The reason Torah is compared to Bread and Water is obvious, for just as bread and water are basic necessities for physical life, so too is Torah essential for Jewish spiritual life.  I’m not referring to Bar/Bat Mitzvah preparation, nor any religious ritual per se. Rather, life itself:  how to be a mentsch, proper societal behavior and relationships, sensitivity to and awareness of the world around us, kindness to animals, appreciation of the fragility and holiness of life, making time holy, providing meaning to our lives, hope and growth, and many more.

The message of the rabbi and abbot would not have succeeded if the monks of the monastery had not believed in that message, empowering them, allowing for change to occur.

Similarly, unless each and every member of a synagogue, regardless of its philosophy or interpretation of Judaism, becomes a bearer of light, an “Or La’Yehudim”, speaking of the Torah it teaches and by which that member lives, to those not yet part of the temple family, that synagogue will die.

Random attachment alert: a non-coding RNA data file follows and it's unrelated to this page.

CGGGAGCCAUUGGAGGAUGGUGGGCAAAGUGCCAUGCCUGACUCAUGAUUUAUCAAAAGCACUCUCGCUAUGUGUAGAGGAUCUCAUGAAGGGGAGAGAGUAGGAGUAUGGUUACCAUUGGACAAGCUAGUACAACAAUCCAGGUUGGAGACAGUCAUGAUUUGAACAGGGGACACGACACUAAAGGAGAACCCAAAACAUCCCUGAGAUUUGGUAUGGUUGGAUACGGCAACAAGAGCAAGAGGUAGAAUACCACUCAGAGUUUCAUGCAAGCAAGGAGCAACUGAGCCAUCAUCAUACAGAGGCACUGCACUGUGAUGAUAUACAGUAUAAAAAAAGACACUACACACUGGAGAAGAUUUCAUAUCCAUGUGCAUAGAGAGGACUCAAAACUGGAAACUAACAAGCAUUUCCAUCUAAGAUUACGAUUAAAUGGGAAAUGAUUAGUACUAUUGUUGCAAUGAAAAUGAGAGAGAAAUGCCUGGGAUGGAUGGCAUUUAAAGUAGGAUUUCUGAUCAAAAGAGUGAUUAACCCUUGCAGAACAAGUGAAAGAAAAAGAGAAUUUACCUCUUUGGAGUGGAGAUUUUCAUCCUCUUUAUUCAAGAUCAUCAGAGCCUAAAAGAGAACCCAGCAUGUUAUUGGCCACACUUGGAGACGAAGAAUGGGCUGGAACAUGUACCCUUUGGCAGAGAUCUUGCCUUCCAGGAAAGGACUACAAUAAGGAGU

People join a synagogue for different reasons, among them: that’s where their friends belong or because they see the difference it makes in the spiritual lives of its members.  Torah exists, not just to be read and studied, but to be lived.  Its physical presence may be in the Aron Kodesh, the Holy Ark of the synagogue, but it’s home must reside in the heart of each of that synagogue’s families and supporters.

It’s time, long overdue time, to ask a new question:  “What does my being a Jew really mean?” The synagogue, as well as generations of Jews, past, present and future, are waiting for your answer.

And who knows, perhaps you, your child or even your grandchild, may well be the Messiah…

About the Author
Rabbi Norman S. Lipson is Founding Rabbi of Temple Dor Dorim in Weston, Florida. Israel advocacy and education have been in the forefront of Rabbi Lipson's more than 50 years in the rabbinate. Having led numerous Pilgrimages to Israel, he teaches about Israel and Judaism through inter-faith and adult education programs in South Florida. A graduate of Hebrew Union College-Jewish Institute of Religion, he holds a Master's Degree in Marriage and Family Therapy. He is the author of two books: “How Many Memories Make a Minyan?” and “Rabbi, My Dog Ate My Shofar!” both available on Kindle Bookstore.